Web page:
A mine seems like an unusual setting for a children's book, but Theresa Nyabeze thinks it is the perfect place to teach lessons about diversity in workplaces.
Nyabeze, a front-line supervisor at Vale was at Dynamic Earth in Sudbury on May 19 to launch her book Underground! My Mining Adventure, reading to a group of Grade 2 and 3 students and talk about how the book is a tool to open up the mining industry to women and girls.
“I want to encourage more women to to go into the mining industry. I know a lot of strong women who would be great miners,” she said in a phone interview. She said mining is still perceived as a dangerous and male-dominated vocation.
By writing a children's book, where the main characters are a mother and child, she says she hopes she can show that it is a safe and rewarding career choice, as well as help mining companies engage stakeholders in a way they can understand. The story centres around a mother who brings her daughter to work to show her how fun and rewarding a job in the mining sector can be not just for children, but for anyone considering mining as a second career, or anyone unfamiliar with mining.
“For a woman, a strong mother, to bring her child to a mine shows it is safe, especially for girls,” she said.
The book parallels her real-life experiences as a mining engineer and mother. Her daughter Chiedza was the inspiration for the main character and both have been to at Dynamic Earth and Totten Mine, during Vale family days.
The event started with a quick safety message from retired career underground miner Michael Vanderhooft, who stressed the importance of bike safety and wearing helmets while riding this summer. The children then gathered with Nyabese for an interactive experience in the reading nook of Explora Mine.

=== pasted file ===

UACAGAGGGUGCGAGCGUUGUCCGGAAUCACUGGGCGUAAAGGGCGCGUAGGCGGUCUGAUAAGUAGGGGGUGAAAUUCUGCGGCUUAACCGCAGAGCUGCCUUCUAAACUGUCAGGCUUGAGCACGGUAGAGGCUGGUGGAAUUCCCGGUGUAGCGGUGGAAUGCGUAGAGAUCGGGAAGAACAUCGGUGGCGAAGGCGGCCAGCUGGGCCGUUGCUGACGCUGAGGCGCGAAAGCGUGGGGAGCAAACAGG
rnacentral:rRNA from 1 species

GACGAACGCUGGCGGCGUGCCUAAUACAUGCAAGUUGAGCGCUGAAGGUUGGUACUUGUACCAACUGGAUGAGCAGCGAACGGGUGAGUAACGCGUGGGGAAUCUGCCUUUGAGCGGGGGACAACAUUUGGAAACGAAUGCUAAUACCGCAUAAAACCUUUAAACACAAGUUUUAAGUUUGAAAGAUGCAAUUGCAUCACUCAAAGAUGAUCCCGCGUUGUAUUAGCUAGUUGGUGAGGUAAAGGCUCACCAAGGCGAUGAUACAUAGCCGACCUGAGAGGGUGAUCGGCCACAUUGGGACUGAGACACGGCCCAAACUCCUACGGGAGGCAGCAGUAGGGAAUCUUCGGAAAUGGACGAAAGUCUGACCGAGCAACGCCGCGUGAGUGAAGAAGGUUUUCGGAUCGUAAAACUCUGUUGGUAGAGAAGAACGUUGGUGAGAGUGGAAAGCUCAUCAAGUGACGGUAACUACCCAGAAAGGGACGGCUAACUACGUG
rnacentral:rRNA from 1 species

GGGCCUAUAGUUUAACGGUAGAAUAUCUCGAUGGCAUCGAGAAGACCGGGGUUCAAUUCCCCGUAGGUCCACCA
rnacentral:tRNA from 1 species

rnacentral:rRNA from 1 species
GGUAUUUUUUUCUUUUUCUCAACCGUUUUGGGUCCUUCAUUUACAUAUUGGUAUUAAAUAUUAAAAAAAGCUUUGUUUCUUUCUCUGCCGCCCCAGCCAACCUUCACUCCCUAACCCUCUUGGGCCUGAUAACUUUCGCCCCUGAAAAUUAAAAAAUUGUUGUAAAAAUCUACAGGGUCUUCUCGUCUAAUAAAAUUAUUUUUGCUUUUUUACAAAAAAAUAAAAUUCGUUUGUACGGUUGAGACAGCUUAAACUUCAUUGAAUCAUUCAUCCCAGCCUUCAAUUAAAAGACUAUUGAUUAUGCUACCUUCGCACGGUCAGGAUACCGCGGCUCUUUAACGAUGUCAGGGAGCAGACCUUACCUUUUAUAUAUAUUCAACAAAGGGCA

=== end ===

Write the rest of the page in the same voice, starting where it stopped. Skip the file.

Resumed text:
As she read passages, children in the group volunteered to hold up large illustrations of the book and opened a big red box full of child-sized mining equipment. Afterwards, they took their newly acquired knowledge for more hands-on experiences around the centre.
“This is an amazing opportunity for her (Nyabese) as she gets to share her passion for mining and earth sciences with a younger generation,” said Jennifer Beaudry, senior manager at Dynamic Earth. “It's a great way to show students how amazing the mining sector is.”
She said writing a children's book on mining is an innovative and unique way to show the many facets of the mining industry, adding the way it is laid out is well done. “The beautiful images, the messaging, we couldn't be more proud of Theresa.”
Using the Explora Mine to help launch the book is a perfect fit, Beaudry said. Students can learn all the different steps involved in mining in a cozy environment with interactive-scale model activities.
Nyabese, a career engineer, said when she came to Canada from Zimbabwe with her family in 1990 she studied engineering at Laurentian University, adding she had many strong role models and professors that encouraged her along the way.
While there are no physical barriers, there are few women in the mining workforce. According to a 2014 study by Global Mining Standards and Guidelines, women women make up five to 10 per cent of the international mining workforce and only seven per cent serve on board positions. After 15 years in the industry, she says she sees no reason women cannot be a part of the workforce underground.
The book also coincides with her other passions: mentorship and outreach.
“I wanted a unique way to do outreach,” she said. “Mining has a diversity goal, but their needs to be other methodology to get more people from different backgrounds.”
While writing this book, she founded Diversity STEM, a foundation created to get more students to consider the science and technology sectors, as a career path.
Misheck Manasa Matambanadzo, an artist and commercial illustrator from her hometown in Harare, Zimbabwe, illustrated the book.
This is the first of a series of books showcasing mining, Nyabese said.
Copies of Underground! My Mining Adventure are available for sale for $17.99 at www.diversitystem.ca.